As brands struggle to stay afloat in light of the coronavirus's spread, what the DTC industry will look like is a big question mark. Big brands will likely adopt DTC-like tendencies, and small startups will probably die. The one thing that's for sure is that earlier doomsday predictions have rapidly accelerated.
As shoppers in the U.S. and Europe are spending more time in their homes thanks to shelter in place orders, apparel brands are seizing the opportunity by offering sales on items like loungewear and leggings, and marketing their products as essentials for people working at home. Everlane is hosting a sale this week where shoppers can get a discount if they buy two pairs of leggings or two sweatshirts. Universal Standard is having a mix and match sale where if customers buy three products from a selection of tank tops, t-shirts, and sweaters, they get 30% off. It's an easier lift for some companies than others.
People don’t think of co-working spaces as operations for physical products, but all our fulfillment is done out of our office, where we have expensive equipment for custom label printing. Our teammate from California was feeling uncomfortable being in New York and went back home, and I wanted to support him on that. The timing also coincided with our other teammate leaving to have surgery, so now it’s just me, our full time head of engineering and a few part time workers.
As many states are continuing to order non-essential retail stores to stay closed, and shoppers tighten their wallets, startup founders are having to take a look at what costs they can cut to ensure their can keep their business running through the coronavirus outbreak. Many startups are cutting their digital advertising spend. Others are trying to renegotiate leases. Many founders are taking extreme pay cuts themselves, and asking their executive teams to as well. And, ultimately many of them are also having to layoff or furlough staff, or asking them to take unpaid leave as well. Modern Retail will be tracking the job and salary cuts announced by startups, by date of when they were first reported, in order to get a better sense of how the coronavirus outbreak will impact the burgeoning direct-to-consumer industry.
Many brands have relied on out of home ads, like subway takeovers, to diversify away from social and digital. But now that everyone is staying home, these businesses are being forced to rethink where best to reach audiences and how to message to them.
"With everyone staying home, it’s actually been good for the puzzle business."
For the past couple of years, investors have been urging direct-to-consumer brands to rely less on digital advertising to acquire new customers. While they may be hesitant to admit it, many direct-to-consumer advertising brands are pulling back on their advertising spend on Facebook and Google as they anticipate shoppers will tighten their wallets in the coming months.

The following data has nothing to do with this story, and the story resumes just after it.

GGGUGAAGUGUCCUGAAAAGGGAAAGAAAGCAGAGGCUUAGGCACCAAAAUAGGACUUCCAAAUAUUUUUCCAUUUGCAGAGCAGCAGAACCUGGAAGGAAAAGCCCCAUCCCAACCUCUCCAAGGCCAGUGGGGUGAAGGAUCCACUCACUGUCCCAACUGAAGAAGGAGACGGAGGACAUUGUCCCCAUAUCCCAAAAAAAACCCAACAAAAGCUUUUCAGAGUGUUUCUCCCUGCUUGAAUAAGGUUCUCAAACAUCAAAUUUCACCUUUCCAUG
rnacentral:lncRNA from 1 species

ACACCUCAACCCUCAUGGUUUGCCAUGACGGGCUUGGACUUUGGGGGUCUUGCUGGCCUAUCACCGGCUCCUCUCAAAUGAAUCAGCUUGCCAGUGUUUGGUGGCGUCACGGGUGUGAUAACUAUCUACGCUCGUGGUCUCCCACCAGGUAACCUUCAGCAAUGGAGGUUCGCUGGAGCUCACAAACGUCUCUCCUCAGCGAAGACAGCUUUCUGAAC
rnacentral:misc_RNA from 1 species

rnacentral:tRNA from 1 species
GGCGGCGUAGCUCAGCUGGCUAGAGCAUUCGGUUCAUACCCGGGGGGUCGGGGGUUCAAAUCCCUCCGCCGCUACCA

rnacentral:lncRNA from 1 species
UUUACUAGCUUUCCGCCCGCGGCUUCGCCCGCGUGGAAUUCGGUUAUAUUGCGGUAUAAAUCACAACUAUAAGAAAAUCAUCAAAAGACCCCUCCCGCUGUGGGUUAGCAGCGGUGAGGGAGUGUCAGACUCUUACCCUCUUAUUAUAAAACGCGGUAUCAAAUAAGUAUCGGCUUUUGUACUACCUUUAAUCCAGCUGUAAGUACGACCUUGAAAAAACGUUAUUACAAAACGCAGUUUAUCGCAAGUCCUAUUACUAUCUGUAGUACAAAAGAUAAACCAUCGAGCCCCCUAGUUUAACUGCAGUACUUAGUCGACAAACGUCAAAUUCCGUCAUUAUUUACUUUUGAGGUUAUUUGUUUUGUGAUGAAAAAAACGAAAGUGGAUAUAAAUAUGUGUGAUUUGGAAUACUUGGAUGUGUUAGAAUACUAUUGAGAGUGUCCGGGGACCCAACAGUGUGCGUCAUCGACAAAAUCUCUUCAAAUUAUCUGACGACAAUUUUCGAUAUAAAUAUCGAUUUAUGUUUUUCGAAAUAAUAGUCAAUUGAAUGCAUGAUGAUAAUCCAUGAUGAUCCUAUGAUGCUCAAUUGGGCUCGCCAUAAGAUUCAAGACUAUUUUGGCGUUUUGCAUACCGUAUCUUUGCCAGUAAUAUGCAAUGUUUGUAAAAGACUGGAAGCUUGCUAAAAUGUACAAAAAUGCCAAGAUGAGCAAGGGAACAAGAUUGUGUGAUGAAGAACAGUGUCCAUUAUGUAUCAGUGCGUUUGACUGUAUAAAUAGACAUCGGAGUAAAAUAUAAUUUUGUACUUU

"Landlords have been sympathetic to the retailer brands’ situation during these shutdowns."
"This could be the tipping point that finally gets Americans to adopt the bidet.”
More and more companies are announcing plans to have most employees work remotely. For smaller DTC brands, that rely on both selling physical products and having a scrappy agile work culture, this is especially difficult. But as the coronavirus spreads, so too does the need for a work contingency plan.
Shark Tank investor Matt Higgins remains bullish on the potential of DTC brands to upend traditional consumer companies, and make a profit while doing it. "I think that innovation cycle is never going to end," Higgins said.
Though stocks are tumbling and some businesses are facing big obstacles, the coronavirus is causing some brands to see big gains. In the DTC space, companies offering higher-end home and health products have observed more new customers and bigger order sizes. It makes sense: Why go to Costco when you can buy nice toilet paper online?
Companies that sell primarily direct-to-consumer already faced a tough time raising venture capital funding in 2020. And that was before an outbreak of COVID-19. Most investors say it's too early to tell if other venture capital firms will prove less willing to make investments in the coming months, and certain categories like like travel may be more negatively impacted than others. But nearly all are counseling companies to rethink their growth projections for 2020, and start thinking now about how they can tighten up expenses in a worst case scenario.
In the past two years, Grove Collaborative has become one of the biggest companies in cleaning supplies, hitting a $1 billion valuation last September following a $150 million series D funding round. Like other modern brands, it comes with a do-good, purpose-based mission. Having already implemented practices like having all facilities running on renewable power, Grove Collaborative is now committing to go plastic-free by 2025. “This timeline also forces it to be done on my and my team’s watch, unlike corporations that promise change down the line through a different CEO and management,” Landesberg said.
DTC healthcare startup Ro announced a new assessment tool for COVID-19. It's the latest -- and perhaps most extreme -- example of businesses shifting strategies to deal with the epidemic. Questions abound about how such a program will be executed.
While many channels factor into customer experience, email has by far the most reach. In a new guide for retail marketers, learn the best practices for using email to drive revenue, increase brand awareness and boost traffic.
A series of presentations, workshops and talks to help you navigate and survive our current crisis and the acceleration of e-commerce that has come with it.Register Now